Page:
I am not sure how other people have learned their craft and mastered the technology they support, but for me, the learning started after the books ended. I have learned so much more from breaking something and having to find the fix than I ever did from reading a book. Back in the day around 2005, VMware released The VMTN Subscription. This was an amazing program that was something like the Microsoft MSDN subscription. These programs gave you the ability to run any of the core software packages for a year at a time for a subscription fee. This gives us, the administrators, the ability to “learn by breaking” for a time frame longer than the sixty day trial period. The good times came to an end in 2007 when VMware announced that they were canceling the VMTN subscription moving forward. If you have any current thoughts or dreams of pursuing your VCP, VCAP and or VCDX, then sixty days is not near enough time to achieve your goals. Following the lead of Mike Laverick’s call to action, to “Bring back the VMTN Subscription Please” I wanted to stress my point of view that this program was one of the best ways for VMware to expand their technology and work with the people, in the trenches, that are supporting and expanding the virtualization footprint at their respective companies. Continue reading The Campaign to Bring Back the VMTN Subscription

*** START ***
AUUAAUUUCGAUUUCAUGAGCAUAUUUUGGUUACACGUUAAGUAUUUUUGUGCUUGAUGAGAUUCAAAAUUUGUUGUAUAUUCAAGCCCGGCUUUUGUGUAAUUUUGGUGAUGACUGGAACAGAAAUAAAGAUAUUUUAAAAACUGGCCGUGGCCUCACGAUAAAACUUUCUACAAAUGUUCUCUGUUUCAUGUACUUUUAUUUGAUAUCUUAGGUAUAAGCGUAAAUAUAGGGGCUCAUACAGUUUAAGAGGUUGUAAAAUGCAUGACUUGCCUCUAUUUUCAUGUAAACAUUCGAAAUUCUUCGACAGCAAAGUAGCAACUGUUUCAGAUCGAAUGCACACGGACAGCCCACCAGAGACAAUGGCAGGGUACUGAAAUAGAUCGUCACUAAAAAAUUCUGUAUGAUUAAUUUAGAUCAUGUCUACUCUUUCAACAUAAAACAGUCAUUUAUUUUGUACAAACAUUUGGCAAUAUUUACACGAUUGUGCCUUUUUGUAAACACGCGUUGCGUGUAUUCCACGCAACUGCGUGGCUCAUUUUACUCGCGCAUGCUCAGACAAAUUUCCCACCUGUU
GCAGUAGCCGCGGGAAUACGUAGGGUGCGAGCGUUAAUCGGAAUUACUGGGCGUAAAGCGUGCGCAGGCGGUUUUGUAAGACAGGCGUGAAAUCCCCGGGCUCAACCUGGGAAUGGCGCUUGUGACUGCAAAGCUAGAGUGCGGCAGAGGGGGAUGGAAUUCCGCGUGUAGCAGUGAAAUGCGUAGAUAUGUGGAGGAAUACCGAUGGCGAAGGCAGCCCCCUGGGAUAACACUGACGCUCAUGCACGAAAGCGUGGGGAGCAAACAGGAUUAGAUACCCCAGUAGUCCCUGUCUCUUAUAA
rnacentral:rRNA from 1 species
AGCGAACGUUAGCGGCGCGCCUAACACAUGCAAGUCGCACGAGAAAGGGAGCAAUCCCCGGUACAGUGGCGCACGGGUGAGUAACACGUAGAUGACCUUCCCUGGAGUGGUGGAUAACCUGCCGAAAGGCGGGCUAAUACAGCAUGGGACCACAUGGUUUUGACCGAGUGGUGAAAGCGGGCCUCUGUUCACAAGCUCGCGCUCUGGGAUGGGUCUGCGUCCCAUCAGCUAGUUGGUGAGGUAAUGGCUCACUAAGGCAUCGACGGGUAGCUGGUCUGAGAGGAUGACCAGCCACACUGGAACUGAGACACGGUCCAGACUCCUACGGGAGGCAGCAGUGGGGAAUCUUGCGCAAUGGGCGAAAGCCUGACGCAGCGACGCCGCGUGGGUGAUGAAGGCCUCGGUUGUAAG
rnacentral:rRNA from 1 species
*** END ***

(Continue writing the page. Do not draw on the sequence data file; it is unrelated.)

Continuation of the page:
With the recent layoffs at VMware, one of the biggest surprises was the loss of almost the whole Workstation/Fusion team. For many, this is the end of an era. Not only was Workstation one of VMware’s first products, but it was the one that gave numerous people the opportunity to play with new tech and ultimately show off the systems to and get buy-in from management. It let Devs test different builds quickly and easily, and it let server teams test updates and changes quickly and, importantly, safely.